From London to Sarah Wesley in Bristol (delivered by Mrs Batchelor). John Wesley has gone to Newington near London, 'when his persecutor is not admitted'.
On Monday fortnight Charles intends to return to Bristol, and is very much looking forward to being reunited with his wife. His brother must be at Mr Berridge's on 28th August.
This morning he met with some people who have been converted since Charles arrived in town. His love should be given to Mr and Mrs Brown, and to George and Mrs Stonehouse. He shall do as Stonehouse asks as soon as he can get away writing from the classes.
Sarah should encourage Mrs Batchelor to go through with her persecution of 'those wretches'.
What news has been received writing from Wales?
Would Sarah have him write to Clifton near Bristol?
She has failed to answer several of the queries in his previous letters. He is beginning to doubt that she reads them. Either her eyes or her spare-time is letting her down.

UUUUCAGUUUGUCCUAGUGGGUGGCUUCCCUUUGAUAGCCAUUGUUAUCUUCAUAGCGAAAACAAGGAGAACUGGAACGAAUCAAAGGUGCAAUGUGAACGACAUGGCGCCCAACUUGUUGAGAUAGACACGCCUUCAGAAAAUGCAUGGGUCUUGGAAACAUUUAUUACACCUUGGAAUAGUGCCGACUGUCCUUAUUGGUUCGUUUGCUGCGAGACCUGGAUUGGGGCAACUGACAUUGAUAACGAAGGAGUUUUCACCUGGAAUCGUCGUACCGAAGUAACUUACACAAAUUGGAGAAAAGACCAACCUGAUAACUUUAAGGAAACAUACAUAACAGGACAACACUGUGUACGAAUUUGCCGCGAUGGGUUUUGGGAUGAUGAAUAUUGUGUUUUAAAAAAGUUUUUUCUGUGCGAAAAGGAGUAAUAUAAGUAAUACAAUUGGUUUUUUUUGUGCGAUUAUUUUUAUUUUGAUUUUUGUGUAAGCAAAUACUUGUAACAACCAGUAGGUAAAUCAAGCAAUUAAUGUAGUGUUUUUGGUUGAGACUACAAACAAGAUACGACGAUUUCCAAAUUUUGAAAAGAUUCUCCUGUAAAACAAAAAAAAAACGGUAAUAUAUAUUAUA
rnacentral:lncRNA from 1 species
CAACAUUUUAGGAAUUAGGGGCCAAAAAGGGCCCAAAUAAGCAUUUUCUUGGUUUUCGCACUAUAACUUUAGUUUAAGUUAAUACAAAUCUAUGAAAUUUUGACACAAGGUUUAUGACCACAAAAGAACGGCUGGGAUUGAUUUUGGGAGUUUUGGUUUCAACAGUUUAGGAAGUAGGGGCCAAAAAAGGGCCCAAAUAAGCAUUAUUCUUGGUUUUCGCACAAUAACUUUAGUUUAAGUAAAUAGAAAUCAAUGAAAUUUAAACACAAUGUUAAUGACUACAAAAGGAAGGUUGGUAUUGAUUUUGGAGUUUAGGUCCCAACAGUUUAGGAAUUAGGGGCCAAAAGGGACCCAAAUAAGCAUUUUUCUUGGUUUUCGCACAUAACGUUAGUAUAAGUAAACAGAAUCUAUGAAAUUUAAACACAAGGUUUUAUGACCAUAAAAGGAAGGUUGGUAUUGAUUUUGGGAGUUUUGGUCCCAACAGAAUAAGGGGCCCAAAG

The longer he stays in London before returning to Bristol for the winter, the less excuse John Wesley has for pressing him to remain here.
For eight weeks they have been praying for Prince Ferdinand [Duke Ferdinand of Brunswick?] at Spitalfields Chapel, and yesterday their prayers were answered with the reports of his victory over the French. Some people are complaining that the victory as reported in the Gazette is insignificant, but if that were the case Hanover would surely have been occupied.
Sarah should let him know if she wants anything writing from London. Lady Piers wanted to provide him with the necklace, but Charles refused.
Reference is made to Mrs Robinson's imminent embarkation for Georgia.
He dined yesterday with Robert Windsor, and paid him forty shillings for the 'sleves(?) etc'.
J Wh_ has been publicly disowned by Charles, while the testimony of John Wesley has driven him writing from the society, for which he may thank his crafty nature.
Did Mr Speers call?
[The reference in the above letter to current affairs, is to the victory of King Frederick the Great of Prussia and Ferdinand, Duke of Brunswick, over the French at the battle of Minden in 1759.]